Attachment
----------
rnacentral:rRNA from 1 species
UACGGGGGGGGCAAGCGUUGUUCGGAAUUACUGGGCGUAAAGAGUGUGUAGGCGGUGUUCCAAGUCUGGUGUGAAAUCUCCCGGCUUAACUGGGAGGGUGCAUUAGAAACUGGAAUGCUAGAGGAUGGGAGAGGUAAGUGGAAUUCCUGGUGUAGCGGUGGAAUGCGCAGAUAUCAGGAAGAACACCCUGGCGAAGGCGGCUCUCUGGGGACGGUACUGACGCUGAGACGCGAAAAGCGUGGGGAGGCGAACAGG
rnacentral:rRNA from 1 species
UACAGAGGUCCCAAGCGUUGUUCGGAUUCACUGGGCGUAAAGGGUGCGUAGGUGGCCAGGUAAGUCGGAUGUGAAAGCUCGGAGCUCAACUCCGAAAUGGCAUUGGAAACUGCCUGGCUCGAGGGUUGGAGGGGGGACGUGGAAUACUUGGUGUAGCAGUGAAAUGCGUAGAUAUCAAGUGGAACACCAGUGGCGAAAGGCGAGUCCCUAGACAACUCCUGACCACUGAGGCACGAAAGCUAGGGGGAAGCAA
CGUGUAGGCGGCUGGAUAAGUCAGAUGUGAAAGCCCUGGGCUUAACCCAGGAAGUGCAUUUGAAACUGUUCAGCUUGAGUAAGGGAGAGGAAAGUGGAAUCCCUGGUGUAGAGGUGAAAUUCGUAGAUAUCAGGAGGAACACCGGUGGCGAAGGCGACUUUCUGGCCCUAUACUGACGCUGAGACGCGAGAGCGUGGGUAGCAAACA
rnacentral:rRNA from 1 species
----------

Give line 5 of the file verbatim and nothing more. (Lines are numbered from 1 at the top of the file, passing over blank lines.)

CGUGUAGGCGGCUGGAUAAGUCAGAUGUGAAAGCCCUGGGCUUAACCCAGGAAGUGCAUUUGAAACUGUUCAGCUUGAGUAAGGGAGAGGAAAGUGGAAUCCCUGGUGUAGAGGUGAAAUUCGUAGAUAUCAGGAGGAACACCGGUGGCGAAGGCGACUUUCUGGCCCUAUACUGACGCUGAGACGCGAGAGCGUGGGUAGCAAACA